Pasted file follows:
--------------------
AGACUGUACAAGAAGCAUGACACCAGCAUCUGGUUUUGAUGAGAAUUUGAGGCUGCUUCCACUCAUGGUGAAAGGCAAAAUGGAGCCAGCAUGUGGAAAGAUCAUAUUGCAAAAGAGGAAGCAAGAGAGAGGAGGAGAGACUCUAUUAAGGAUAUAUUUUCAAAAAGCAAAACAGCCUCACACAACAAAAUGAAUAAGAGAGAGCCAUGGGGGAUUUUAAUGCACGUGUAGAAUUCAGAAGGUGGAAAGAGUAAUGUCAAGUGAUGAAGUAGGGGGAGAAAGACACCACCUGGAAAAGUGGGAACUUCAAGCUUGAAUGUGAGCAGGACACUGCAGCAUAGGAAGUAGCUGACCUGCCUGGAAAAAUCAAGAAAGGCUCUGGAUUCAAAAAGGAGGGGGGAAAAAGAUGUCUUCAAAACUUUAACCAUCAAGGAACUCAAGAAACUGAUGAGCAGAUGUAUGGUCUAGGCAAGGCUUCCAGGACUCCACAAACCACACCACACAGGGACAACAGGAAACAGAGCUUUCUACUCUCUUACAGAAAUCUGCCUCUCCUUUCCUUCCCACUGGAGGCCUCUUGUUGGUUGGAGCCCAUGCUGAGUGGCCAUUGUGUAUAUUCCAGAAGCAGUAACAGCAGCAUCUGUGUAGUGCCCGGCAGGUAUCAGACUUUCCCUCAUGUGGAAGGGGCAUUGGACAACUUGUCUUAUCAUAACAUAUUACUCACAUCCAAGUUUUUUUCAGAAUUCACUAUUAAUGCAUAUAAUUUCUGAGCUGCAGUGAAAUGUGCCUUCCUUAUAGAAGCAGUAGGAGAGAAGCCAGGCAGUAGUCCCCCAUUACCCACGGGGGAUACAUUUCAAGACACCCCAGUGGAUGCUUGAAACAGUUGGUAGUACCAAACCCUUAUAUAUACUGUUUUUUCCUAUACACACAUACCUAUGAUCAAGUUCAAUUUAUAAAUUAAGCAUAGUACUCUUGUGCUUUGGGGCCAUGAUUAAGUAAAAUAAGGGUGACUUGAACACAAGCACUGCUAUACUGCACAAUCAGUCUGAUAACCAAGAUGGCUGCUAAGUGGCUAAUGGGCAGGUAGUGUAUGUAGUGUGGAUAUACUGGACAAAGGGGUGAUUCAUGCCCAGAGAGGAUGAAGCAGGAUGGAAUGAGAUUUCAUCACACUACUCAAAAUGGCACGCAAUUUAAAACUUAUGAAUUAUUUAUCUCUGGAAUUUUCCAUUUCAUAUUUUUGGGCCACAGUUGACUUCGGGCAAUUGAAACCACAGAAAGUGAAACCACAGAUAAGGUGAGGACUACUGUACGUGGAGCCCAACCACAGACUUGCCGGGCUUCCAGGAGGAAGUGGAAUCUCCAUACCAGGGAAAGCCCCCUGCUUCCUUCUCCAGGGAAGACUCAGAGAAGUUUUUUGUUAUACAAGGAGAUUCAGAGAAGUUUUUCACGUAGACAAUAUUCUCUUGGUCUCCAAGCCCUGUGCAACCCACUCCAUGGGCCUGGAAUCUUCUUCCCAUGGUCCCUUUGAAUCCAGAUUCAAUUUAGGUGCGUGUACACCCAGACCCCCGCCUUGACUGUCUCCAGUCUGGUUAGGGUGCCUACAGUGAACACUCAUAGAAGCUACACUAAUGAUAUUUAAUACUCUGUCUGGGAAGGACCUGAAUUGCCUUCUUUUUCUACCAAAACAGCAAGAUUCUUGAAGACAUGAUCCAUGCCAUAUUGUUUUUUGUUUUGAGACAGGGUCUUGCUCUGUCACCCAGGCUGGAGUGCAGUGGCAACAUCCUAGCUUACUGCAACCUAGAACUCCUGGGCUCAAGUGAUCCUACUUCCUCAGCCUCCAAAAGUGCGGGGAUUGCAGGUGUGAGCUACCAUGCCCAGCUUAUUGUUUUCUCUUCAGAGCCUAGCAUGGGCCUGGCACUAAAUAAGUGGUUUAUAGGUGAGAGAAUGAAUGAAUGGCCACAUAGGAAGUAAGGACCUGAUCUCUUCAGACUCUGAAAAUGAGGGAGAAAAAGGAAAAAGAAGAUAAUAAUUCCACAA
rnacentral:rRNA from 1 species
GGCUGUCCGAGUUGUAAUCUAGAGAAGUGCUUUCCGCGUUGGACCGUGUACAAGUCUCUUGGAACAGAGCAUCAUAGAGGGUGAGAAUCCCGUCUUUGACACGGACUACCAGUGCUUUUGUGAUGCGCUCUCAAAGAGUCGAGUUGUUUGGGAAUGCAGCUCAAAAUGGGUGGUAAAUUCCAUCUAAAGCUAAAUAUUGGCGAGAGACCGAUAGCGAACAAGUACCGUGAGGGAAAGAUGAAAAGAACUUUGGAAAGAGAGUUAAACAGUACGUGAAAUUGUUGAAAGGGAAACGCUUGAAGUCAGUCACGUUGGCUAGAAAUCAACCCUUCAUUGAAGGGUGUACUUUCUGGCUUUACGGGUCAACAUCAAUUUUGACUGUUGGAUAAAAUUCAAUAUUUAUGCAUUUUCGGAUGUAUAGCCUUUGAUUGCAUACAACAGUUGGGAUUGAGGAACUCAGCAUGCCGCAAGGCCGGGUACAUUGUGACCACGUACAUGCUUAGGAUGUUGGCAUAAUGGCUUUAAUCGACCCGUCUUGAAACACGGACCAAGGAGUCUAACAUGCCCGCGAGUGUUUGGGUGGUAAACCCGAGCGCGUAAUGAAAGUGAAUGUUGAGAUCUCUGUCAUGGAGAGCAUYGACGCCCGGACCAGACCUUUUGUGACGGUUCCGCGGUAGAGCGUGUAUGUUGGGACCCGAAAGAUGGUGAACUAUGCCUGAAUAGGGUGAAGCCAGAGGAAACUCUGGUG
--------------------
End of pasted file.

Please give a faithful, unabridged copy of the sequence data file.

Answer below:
AGACUGUACAAGAAGCAUGACACCAGCAUCUGGUUUUGAUGAGAAUUUGAGGCUGCUUCCACUCAUGGUGAAAGGCAAAAUGGAGCCAGCAUGUGGAAAGAUCAUAUUGCAAAAGAGGAAGCAAGAGAGAGGAGGAGAGACUCUAUUAAGGAUAUAUUUUCAAAAAGCAAAACAGCCUCACACAACAAAAUGAAUAAGAGAGAGCCAUGGGGGAUUUUAAUGCACGUGUAGAAUUCAGAAGGUGGAAAGAGUAAUGUCAAGUGAUGAAGUAGGGGGAGAAAGACACCACCUGGAAAAGUGGGAACUUCAAGCUUGAAUGUGAGCAGGACACUGCAGCAUAGGAAGUAGCUGACCUGCCUGGAAAAAUCAAGAAAGGCUCUGGAUUCAAAAAGGAGGGGGGAAAAAGAUGUCUUCAAAACUUUAACCAUCAAGGAACUCAAGAAACUGAUGAGCAGAUGUAUGGUCUAGGCAAGGCUUCCAGGACUCCACAAACCACACCACACAGGGACAACAGGAAACAGAGCUUUCUACUCUCUUACAGAAAUCUGCCUCUCCUUUCCUUCCCACUGGAGGCCUCUUGUUGGUUGGAGCCCAUGCUGAGUGGCCAUUGUGUAUAUUCCAGAAGCAGUAACAGCAGCAUCUGUGUAGUGCCCGGCAGGUAUCAGACUUUCCCUCAUGUGGAAGGGGCAUUGGACAACUUGUCUUAUCAUAACAUAUUACUCACAUCCAAGUUUUUUUCAGAAUUCACUAUUAAUGCAUAUAAUUUCUGAGCUGCAGUGAAAUGUGCCUUCCUUAUAGAAGCAGUAGGAGAGAAGCCAGGCAGUAGUCCCCCAUUACCCACGGGGGAUACAUUUCAAGACACCCCAGUGGAUGCUUGAAACAGUUGGUAGUACCAAACCCUUAUAUAUACUGUUUUUUCCUAUACACACAUACCUAUGAUCAAGUUCAAUUUAUAAAUUAAGCAUAGUACUCUUGUGCUUUGGGGCCAUGAUUAAGUAAAAUAAGGGUGACUUGAACACAAGCACUGCUAUACUGCACAAUCAGUCUGAUAACCAAGAUGGCUGCUAAGUGGCUAAUGGGCAGGUAGUGUAUGUAGUGUGGAUAUACUGGACAAAGGGGUGAUUCAUGCCCAGAGAGGAUGAAGCAGGAUGGAAUGAGAUUUCAUCACACUACUCAAAAUGGCACGCAAUUUAAAACUUAUGAAUUAUUUAUCUCUGGAAUUUUCCAUUUCAUAUUUUUGGGCCACAGUUGACUUCGGGCAAUUGAAACCACAGAAAGUGAAACCACAGAUAAGGUGAGGACUACUGUACGUGGAGCCCAACCACAGACUUGCCGGGCUUCCAGGAGGAAGUGGAAUCUCCAUACCAGGGAAAGCCCCCUGCUUCCUUCUCCAGGGAAGACUCAGAGAAGUUUUUUGUUAUACAAGGAGAUUCAGAGAAGUUUUUCACGUAGACAAUAUUCUCUUGGUCUCCAAGCCCUGUGCAACCCACUCCAUGGGCCUGGAAUCUUCUUCCCAUGGUCCCUUUGAAUCCAGAUUCAAUUUAGGUGCGUGUACACCCAGACCCCCGCCUUGACUGUCUCCAGUCUGGUUAGGGUGCCUACAGUGAACACUCAUAGAAGCUACACUAAUGAUAUUUAAUACUCUGUCUGGGAAGGACCUGAAUUGCCUUCUUUUUCUACCAAAACAGCAAGAUUCUUGAAGACAUGAUCCAUGCCAUAUUGUUUUUUGUUUUGAGACAGGGUCUUGCUCUGUCACCCAGGCUGGAGUGCAGUGGCAACAUCCUAGCUUACUGCAACCUAGAACUCCUGGGCUCAAGUGAUCCUACUUCCUCAGCCUCCAAAAGUGCGGGGAUUGCAGGUGUGAGCUACCAUGCCCAGCUUAUUGUUUUCUCUUCAGAGCCUAGCAUGGGCCUGGCACUAAAUAAGUGGUUUAUAGGUGAGAGAAUGAAUGAAUGGCCACAUAGGAAGUAAGGACCUGAUCUCUUCAGACUCUGAAAAUGAGGGAGAAAAAGGAAAAAGAAGAUAAUAAUUCCACAA
rnacentral:rRNA from 1 species
GGCUGUCCGAGUUGUAAUCUAGAGAAGUGCUUUCCGCGUUGGACCGUGUACAAGUCUCUUGGAACAGAGCAUCAUAGAGGGUGAGAAUCCCGUCUUUGACACGGACUACCAGUGCUUUUGUGAUGCGCUCUCAAAGAGUCGAGUUGUUUGGGAAUGCAGCUCAAAAUGGGUGGUAAAUUCCAUCUAAAGCUAAAUAUUGGCGAGAGACCGAUAGCGAACAAGUACCGUGAGGGAAAGAUGAAAAGAACUUUGGAAAGAGAGUUAAACAGUACGUGAAAUUGUUGAAAGGGAAACGCUUGAAGUCAGUCACGUUGGCUAGAAAUCAACCCUUCAUUGAAGGGUGUACUUUCUGGCUUUACGGGUCAACAUCAAUUUUGACUGUUGGAUAAAAUUCAAUAUUUAUGCAUUUUCGGAUGUAUAGCCUUUGAUUGCAUACAACAGUUGGGAUUGAGGAACUCAGCAUGCCGCAAGGCCGGGUACAUUGUGACCACGUACAUGCUUAGGAUGUUGGCAUAAUGGCUUUAAUCGACCCGUCUUGAAACACGGACCAAGGAGUCUAACAUGCCCGCGAGUGUUUGGGUGGUAAACCCGAGCGCGUAAUGAAAGUGAAUGUUGAGAUCUCUGUCAUGGAGAGCAUYGACGCCCGGACCAGACCUUUUGUGACGGUUCCGCGGUAGAGCGUGUAUGUUGGGACCCGAAAGAUGGUGAACUAUGCCUGAAUAGGGUGAAGCCAGAGGAAACUCUGGUG